• Disease

    Relapsing fever

    Relapsing fever is an infection transmitted by a louse or tick. It is characterized by repeated episodes of .

  • Special Topic

    Remembering tips

    Lists, associations, and repeating the information over and over to oneself are good ways of inabling a person to remember information for later use.

  • Special Topic

    Renal

    The kidneys are responsible for removing wastes from the body, regulating electrolyte balance and blood pressure, and stimulating red blood cell production.

    The term “renal” refers to the kidney. For example, renal failure means kidney failure. Related topics: Kidney disease

  • Disease

    Renal and urological disorders

    The kidneys are responsible for removing wastes from the body, regulating electrolyte balance and blood pressure, and stimulating red blood cell production.

    Renal disorders refers to any disease of the kidneys. Urological disorders are diseases of the kidneys/urinary tract. This includes: Kidneys, ureters, urinary bladder, and urethra Male reproductive organs including the testes, epididymis, vas deferens, seminal vesicles, prostate, and penis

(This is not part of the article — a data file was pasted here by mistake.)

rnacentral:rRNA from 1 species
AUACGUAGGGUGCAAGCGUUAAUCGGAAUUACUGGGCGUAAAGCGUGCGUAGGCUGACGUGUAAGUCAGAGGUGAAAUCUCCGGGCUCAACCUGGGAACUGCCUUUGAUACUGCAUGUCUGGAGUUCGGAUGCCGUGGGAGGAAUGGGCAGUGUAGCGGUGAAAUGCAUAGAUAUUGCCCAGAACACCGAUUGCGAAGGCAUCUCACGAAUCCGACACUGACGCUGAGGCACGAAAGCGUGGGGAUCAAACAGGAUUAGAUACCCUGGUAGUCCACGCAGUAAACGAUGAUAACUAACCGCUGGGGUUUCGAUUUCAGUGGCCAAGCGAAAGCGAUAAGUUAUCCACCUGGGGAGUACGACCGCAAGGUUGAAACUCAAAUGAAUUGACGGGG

• Test

    Renal arteriography

    The kidneys are responsible for removing wastes from the body, regulating electrolyte balance and blood pressure, and stimulating red blood cell production.

    Renal arteriography is a special x-ray of the blood vessels of the kidneys. Renal arteriography is also called renal angiography. See also:

  • Test

    Renal biopsy

    The kidneys are responsible for removing wastes from the body, regulating electrolyte balance and blood pressure, and stimulating red blood cell production.

    A renal biopsy is the removal of a small piece of kidney tissue for examination.

  • Disease

    Renal cell carcinoma

    The kidneys are responsible for removing wastes from the body, regulating electrolyte balance and blood pressure, and stimulating red blood cell production.

    Renal cell carcinoma is a type of kidney cancer that starts in the lining of very small tubes (tubules) in the kidney.

  • Disease

    Renal papillary necrosis

    The kidneys are responsible for removing wastes from the body, regulating electrolyte balance and blood pressure, and stimulating red blood cell production.